Our data indicated that the progression to ESRD and metabolic bone disease is a slow process, with most patients dying of other causes. It appears that chemotherapy, especially with alkylating agents, carries a significant risk of complications but without much benefit on kidney function. Because of the relatively benign course of FS in patients who do not have an overt malignancy, the risks and benefits of chemotherapy should be weighed carefully.

Prepublished online as Blood First Edition Paper, March 9, 2004; DOI 10.1182/blood-2003-10-3400.

Supported in part by National Institutes of Health (NIH)–funded Program Project Grant no. CA-62242.

The publication costs of this article were defrayed in part by page charge payment. Therefore, and solely to indicate this fact, this article is hereby marked “advertisement” in accordance with 18 U.S.C. section 1734.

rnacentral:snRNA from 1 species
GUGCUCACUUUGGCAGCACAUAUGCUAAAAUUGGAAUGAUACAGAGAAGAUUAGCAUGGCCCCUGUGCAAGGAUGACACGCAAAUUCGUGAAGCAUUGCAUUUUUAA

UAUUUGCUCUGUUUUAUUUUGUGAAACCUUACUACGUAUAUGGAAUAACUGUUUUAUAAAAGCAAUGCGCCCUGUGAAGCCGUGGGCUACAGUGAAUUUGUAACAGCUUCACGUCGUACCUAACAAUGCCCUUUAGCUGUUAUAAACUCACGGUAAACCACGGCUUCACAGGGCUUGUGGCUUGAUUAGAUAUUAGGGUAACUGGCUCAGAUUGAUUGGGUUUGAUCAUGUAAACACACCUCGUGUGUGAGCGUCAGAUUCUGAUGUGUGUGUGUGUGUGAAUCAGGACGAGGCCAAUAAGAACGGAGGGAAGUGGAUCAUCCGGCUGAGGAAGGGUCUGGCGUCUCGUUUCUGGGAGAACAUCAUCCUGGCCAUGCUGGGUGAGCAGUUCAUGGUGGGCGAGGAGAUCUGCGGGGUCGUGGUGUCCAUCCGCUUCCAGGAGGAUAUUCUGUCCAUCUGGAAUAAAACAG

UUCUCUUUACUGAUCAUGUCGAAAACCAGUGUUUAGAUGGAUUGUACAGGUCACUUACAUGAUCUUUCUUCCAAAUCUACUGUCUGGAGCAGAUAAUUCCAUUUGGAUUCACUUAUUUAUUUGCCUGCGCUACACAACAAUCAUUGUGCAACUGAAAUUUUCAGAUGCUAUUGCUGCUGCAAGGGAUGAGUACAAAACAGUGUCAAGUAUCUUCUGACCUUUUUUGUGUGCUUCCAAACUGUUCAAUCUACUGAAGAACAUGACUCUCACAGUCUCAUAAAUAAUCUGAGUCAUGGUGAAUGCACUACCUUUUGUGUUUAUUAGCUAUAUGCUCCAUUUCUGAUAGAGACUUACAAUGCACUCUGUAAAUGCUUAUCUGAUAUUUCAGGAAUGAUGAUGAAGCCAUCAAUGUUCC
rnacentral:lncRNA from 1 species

1
Chan KW, Ho FC, Chan MK. Adult Fanconi syndrome in kappa light chain myeloma.
Arch Pathol Lab Med
.
1987
;
111
:
139
-142.
2
Orfila C, Lepert JC, Modesto A, Bernadet P, Suc JM. Fanconi's syndrome, kappa light-chain myeloma, non-amyloid fibrils and cytoplasmic crystals in renal tubular epithelium.
Am J Nephrol
.
1991
;
11
:
345
-349.
3
Sewell RL, Doreen MS. Adult Fanconi syndrome progressing to multiple myeloma.
J Clin Pathol
.
1984
;
37
:
1256
-1258.
4
Thorner PS, Bedard YC, Fernandes BJ. Lambda-light-chain nephropathy with Fanconi's syndrome.
Arch Pathol Lab Med
.
1983
;
107
:
654
-657.
5
Truong LD, Mawad J, Cagle P, Mattioli C. Cytoplasmic crystals in multiple myeloma-associated Fanconi's syndrome: a morphological study including immunoelectron microscopy.